In the latter case, a spreadsheet provides the media in which an analyst consumes enterprise data. In this scenario, an ERP system captures the business firm's voluminous transactional data, and provides the computational power to condense and present the transactional data in various hierarchal ways, for example, by product code, division, geography, or human-resource level. However, notwithstanding the computational power of the ERP, data-warehousing or business-intelligence system to capture, distill, or present voluminous enterprise data, these tools are deficient in at least two (2) respects: a) they are not sufficiently nimble to accommodate sophisticated expert analysis in a functional area of business without the costly assistance of a systems analyst, and b) enterprise systems must be configured, programmed, maintained, updated, and installed by professional information technology professionals. Each of these two factors serves to decrease the quality and time-to-impact of subject-matter analysis that is available with a spreadsheet or spreadsheet-based model, application or simulation in the hands of a subject-matter expert in a functional area of business.

When deciding how best to transmit data between and among correspondents, many factors must be considered, including security, version control, data validation, and centralized reporting. Conventional practice is that spreadsheets crisscross the organization via electronic mail, corporate FTP site, or dedicated shared network directory. This is common practice, but is disadvantageous for four (4) reasons: 1) Distributing spreadsheet intellectual capital through these channels exposes the material, non-public information contained therein to unauthorized access by malicious actors both within and outside the business firm; 2) the centralized source cannot control the content and format of the spreadsheet intellectual capital in the hands of selected users once it is distributed throughout the enterprise; 3) selected users in receipt of spreadsheet intellectual capital are at liberty to change standard report formats, which confounds the centralized source's ability to create consolidated reports; and 4) the centralized source cannot effectively update the spreadsheet's values, formulae or lookup data once the intellectual capital is transmitted to the several selected users.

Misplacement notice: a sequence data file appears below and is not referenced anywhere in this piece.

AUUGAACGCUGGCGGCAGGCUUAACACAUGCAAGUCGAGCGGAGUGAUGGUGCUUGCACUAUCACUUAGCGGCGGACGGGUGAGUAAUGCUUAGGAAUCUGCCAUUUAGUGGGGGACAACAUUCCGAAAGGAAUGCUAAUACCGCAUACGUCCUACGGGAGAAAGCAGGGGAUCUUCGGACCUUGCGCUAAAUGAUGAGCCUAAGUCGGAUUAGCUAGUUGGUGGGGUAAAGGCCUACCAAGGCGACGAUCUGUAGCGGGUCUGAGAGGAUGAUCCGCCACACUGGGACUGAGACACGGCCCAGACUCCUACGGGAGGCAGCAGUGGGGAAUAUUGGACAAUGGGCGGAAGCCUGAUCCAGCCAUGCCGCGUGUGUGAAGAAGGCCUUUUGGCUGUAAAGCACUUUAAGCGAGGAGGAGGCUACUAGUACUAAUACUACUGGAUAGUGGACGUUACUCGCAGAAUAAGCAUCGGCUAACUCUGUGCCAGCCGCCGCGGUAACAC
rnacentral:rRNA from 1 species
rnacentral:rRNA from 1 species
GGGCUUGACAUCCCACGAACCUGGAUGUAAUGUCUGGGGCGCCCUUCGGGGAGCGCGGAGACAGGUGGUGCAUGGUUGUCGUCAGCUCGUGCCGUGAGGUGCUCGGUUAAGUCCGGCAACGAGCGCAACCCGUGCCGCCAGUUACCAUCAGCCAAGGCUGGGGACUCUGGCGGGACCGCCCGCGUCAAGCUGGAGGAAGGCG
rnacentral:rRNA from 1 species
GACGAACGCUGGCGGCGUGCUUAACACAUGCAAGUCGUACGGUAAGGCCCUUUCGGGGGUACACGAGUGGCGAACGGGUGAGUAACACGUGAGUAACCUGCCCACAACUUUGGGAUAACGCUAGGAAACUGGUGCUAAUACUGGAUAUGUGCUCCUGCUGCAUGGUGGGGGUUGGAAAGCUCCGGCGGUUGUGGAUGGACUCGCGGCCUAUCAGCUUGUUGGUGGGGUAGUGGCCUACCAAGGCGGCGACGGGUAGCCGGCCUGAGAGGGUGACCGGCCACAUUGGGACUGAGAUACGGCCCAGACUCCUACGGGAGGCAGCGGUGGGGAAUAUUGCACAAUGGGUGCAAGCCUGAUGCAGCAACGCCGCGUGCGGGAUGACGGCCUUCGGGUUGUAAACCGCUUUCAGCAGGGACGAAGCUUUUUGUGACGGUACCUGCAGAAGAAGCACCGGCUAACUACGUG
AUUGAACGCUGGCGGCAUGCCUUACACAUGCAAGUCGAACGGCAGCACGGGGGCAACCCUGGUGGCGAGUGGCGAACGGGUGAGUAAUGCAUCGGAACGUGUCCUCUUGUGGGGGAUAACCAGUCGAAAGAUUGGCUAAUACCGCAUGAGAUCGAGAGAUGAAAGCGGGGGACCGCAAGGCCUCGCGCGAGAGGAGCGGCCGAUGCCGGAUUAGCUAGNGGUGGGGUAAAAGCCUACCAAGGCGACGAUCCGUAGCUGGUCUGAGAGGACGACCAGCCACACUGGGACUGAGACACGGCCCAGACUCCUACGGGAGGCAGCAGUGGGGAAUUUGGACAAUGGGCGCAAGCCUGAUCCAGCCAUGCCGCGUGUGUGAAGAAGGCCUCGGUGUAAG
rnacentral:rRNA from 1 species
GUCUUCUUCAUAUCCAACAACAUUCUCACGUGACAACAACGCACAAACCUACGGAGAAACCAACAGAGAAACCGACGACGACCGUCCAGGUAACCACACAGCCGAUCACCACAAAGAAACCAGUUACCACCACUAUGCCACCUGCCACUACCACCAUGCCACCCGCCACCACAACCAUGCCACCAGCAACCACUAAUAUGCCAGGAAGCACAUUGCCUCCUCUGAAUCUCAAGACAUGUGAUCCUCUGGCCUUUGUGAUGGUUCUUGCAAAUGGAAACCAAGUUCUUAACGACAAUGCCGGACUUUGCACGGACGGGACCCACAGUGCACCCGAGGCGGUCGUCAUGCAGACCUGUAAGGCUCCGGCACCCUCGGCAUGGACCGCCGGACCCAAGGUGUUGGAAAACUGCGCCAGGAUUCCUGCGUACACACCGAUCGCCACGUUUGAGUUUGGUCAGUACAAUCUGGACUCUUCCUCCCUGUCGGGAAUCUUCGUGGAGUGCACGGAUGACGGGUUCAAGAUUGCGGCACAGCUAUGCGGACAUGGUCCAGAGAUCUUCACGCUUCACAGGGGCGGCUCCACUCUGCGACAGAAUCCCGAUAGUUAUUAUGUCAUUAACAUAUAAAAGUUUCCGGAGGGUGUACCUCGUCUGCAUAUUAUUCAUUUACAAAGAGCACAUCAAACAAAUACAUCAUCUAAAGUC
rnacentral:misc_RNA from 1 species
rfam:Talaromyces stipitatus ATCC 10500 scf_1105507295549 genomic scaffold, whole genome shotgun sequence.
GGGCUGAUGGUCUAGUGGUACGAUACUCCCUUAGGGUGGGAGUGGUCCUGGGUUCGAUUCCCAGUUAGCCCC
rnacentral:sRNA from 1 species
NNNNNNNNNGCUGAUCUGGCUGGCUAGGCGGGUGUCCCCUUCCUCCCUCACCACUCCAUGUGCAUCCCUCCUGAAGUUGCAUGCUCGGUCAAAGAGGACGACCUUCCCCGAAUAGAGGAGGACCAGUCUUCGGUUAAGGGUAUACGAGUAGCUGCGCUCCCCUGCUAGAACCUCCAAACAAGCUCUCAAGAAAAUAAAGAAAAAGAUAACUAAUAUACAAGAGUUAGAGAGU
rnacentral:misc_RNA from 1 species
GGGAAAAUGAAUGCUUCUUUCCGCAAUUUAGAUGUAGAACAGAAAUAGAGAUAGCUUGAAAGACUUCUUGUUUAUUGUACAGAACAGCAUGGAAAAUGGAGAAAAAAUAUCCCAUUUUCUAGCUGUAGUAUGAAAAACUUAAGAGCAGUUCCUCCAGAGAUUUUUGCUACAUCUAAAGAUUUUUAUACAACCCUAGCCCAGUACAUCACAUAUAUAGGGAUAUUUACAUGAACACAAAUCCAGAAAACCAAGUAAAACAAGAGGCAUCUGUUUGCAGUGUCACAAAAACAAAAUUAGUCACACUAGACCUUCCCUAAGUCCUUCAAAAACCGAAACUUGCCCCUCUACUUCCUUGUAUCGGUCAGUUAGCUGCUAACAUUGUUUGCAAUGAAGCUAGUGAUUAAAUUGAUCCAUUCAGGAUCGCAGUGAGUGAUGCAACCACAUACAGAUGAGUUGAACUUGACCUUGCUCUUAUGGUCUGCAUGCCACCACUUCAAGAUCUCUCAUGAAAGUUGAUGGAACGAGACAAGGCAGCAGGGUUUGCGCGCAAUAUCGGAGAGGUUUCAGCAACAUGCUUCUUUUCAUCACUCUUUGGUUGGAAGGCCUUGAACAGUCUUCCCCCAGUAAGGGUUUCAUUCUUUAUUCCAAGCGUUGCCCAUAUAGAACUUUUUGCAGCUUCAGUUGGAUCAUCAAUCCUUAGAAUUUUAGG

First, despite the ubiquitous presence of spreadsheets throughout the enterprise and the utility of spreadsheets for undertaking business analysis, the ease with which spreadsheet intellectual capital can be intercepted and misappropriated by a malicious actor either while the spreadsheet is at rest on a computer storage device or while in transit over a corporate network or internet creates an information-security risk in the enterprise. Various regulatory frameworks require that critical information be protected by an industrial-grade information security model. For example, the Health Insurance Portability and Accountability Act (HIPAA), the Gramm-Leach-Bliley Act (GLBA), and the internal-control provisions of the Sarbanes-Oxley Act of 2002 all address information security governance of material, non-public information. In the context of these provisions, intellectual capital contained in spreadsheets may not satisfy requirements of a comprehensive information security model. Furthermore, spreadsheets implement a weak security protocol, and do so in a way that exposes the protocol to attack, exposing the intellectual capital therein to attack from malicious outsiders and insiders alike, as well as unauthorized consumption by parties who may not have the proper status to receive data and information on the basis of organizational affiliation, geography, title, or responsibility within the enterprise. For example, Excel® 2003 (distributed by Microsoft Corporation of Redmond, Wash.) implements the RC4 stream cipher with up to 128-bit encryption. In 2005, a Chinese academic determined that Microsoft's implementation of this protocol suffered a critical flaw that could allow a user with basic cryptographic skills to decrypt Excel® files. Excel® 2003 maintains the same initialization vector across multiple versions of the same password-protected document. Therefore, a user who distributes an encrypted Excel spreadsheet, then subsequently updates or modifies the same spreadsheet before redistributing the updated and encrypted spreadsheet, will expose the Excel spreadsheet to differential cryptanalysis if the Excel spreadsheet is protected with the same password both at original distribution and subsequent redistribution. Unfortunately, this is standard practice in industry.